2013 Nissan Sentra SR new car reviews

We all know Nissans to be reliable. The 2013 Sentra adds to that fact its great fuel economy and its being within the reach of most people’s budgets. Its new styling may look familiar, as you can certainly see the family resemblance between it and its classier sister, Altima. Nissan tried to step it up for the 2013 launch.

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Jane Soliman Jane Soliman
Reader

Being a proud owner of the same Nissan Sentra for 15 years (this September), I can certainly attest to the Sentra’s reliability. Also, I prefer driving a down-and-dirty Sentra over any fancy, uppity luxury cars. I like knowing how fast I'm going without looking at my speedometer. There's something about a humble Sentra that makes you feel your speed.

So enough gushing: I will say that after my model year, I have not been a fan of the Sentra styling. I love Nissan and my family has a very long history with Nissans—from Z-cars to Stanzas, so they will always hold a place in my heart. But why would a company want to copy the stylings of its own model? Why the constant obsession to make things bigger? Bigger is not always better. What then is the point of having two separate models?

If you like the smaller, more modest Sentra, you buy the Sentra. If you like the roomier, more luxurious Altima, you buy the Altima. What's all this wishy-washiness? It’s contradictory to logic, but that's my opinion, and everyone is entitled to his/her own.

Alan Cesar FartSmeller69
SuperDork

The interior feels like memory foam covered in Spandex, and that's kind of creepy.

It's slow.

It's not fun.

I file this under "do not buy."

David S. Wallens David S. Wallens
Editorial Director

I'm a Sentra fan from back in the day and had one of the original SE-Rs--back when they were new--but this one didn't thrill me. I hate to say it, but in today's compact car scene it's fairly generic. Plus, to be honest, I'm not a fan of the CVT transmission. I know Nissan is into them, but it just gives the entire car a soft, marshmallow-like feel.

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Comments

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scardeal
scardeal Dork
6/27/13 9:53 a.m.

Looks like a Corolla from the back :(

pinchvalve
pinchvalve MegaDork
6/28/13 10:14 a.m.

The SE-R and Spec-V were great enthusiast cars that Nissan has walked away from. I get the need for mainstream profit centers, but how hard is it to drop a Juke engine into something and add some suspension? Jeez.

ggarrard
ggarrard Reader
7/5/13 10:31 a.m.

We tested a Sentra SL last week and were disappointed...no spirit left in this version of the Sentra. Nissan seems to go in cycles of sporty and boring. They are in their boring phase again...

Shaun
Shaun HalfDork
7/29/13 7:10 p.m.

I had one of these and the new Focus back to back as recent rentals. I don't think I have ever driven two cars in the same segment at the same price point that were so, um, different. The Focus was fabulous, even if I didn't like kookie over wrought dash/center console, and too busy auto clicking up and down all willy nilly in search of something apparently unobtainable. The Sentra simply sucked. bleh.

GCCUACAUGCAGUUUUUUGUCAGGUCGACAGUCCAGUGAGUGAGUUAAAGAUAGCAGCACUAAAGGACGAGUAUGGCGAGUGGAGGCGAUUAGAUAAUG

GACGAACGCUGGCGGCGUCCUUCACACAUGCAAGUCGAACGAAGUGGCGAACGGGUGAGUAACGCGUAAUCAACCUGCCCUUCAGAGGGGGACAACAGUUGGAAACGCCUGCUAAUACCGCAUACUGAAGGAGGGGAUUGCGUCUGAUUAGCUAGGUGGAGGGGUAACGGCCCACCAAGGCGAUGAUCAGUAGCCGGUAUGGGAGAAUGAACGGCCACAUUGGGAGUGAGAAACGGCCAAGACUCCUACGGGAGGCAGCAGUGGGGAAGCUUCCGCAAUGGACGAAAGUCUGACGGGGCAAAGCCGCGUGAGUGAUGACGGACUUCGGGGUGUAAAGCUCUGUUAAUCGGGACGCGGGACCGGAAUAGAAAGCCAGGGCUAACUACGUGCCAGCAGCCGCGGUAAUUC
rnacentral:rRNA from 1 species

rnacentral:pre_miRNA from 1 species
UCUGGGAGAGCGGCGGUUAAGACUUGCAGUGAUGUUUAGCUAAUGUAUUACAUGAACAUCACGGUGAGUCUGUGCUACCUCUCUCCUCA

Jane Soliman
Jane Soliman New Reader
12/10/13 12:00 a.m.

We all know Nissans to be reliable. The 2013 Sentra adds to that fact its great fuel economy and its being within the reach of most people’s budgets. Its new styling may look familiar, as you can certainly see the family resemblance between it and its classier sister, Altima. Nissan tried to step it up for the 2013 launch.

jstein77
jstein77 SuperDork
11/28/14 10:36 a.m.

I wish Nissan would get its mojo back. What happened to the Spec V spirit? Why waste the Nismo thing on the ridiculous Juke? I wouldn't mind seeing a new Nismo turbo 6 speed Sentra like I'm driving now.

ebonyandivory
ebonyandivory SuperDork
11/28/14 11:16 a.m.

Nissan has missed the boat by a mile. It's sad because I think they have the ability to make a great enthusiasts car. But the won't for whatever reason.

When Hyundai has sportier cars than you, it's time to wake up.

jj
jj Reader
11/28/14 1:59 p.m.
Jane Soliman wrote: We all know Nissans to be reliable. The 2013 Sentra adds to that fact its great fuel economy and its being within the reach of most people’s budgets. Its new styling may look familiar, as you can certainly see the family resemblance between it and its classier sister, Altima. Nissan tried to step it up for the 2013 launch.

All that you mentioned: fuel economy, reliability, looks and price are great, but all that in a car with no manual transmission, no sport suspension option, not enough power, and too much weight, and that car becomes just another appliance. There are many appliances to choose from, but I would never choose an appliance without a sporting (looks do not = sporting) bone in its body. Is there really no sport compact market anymore? What about Japan? Didn't they start all of that? Maybe their market has changed?

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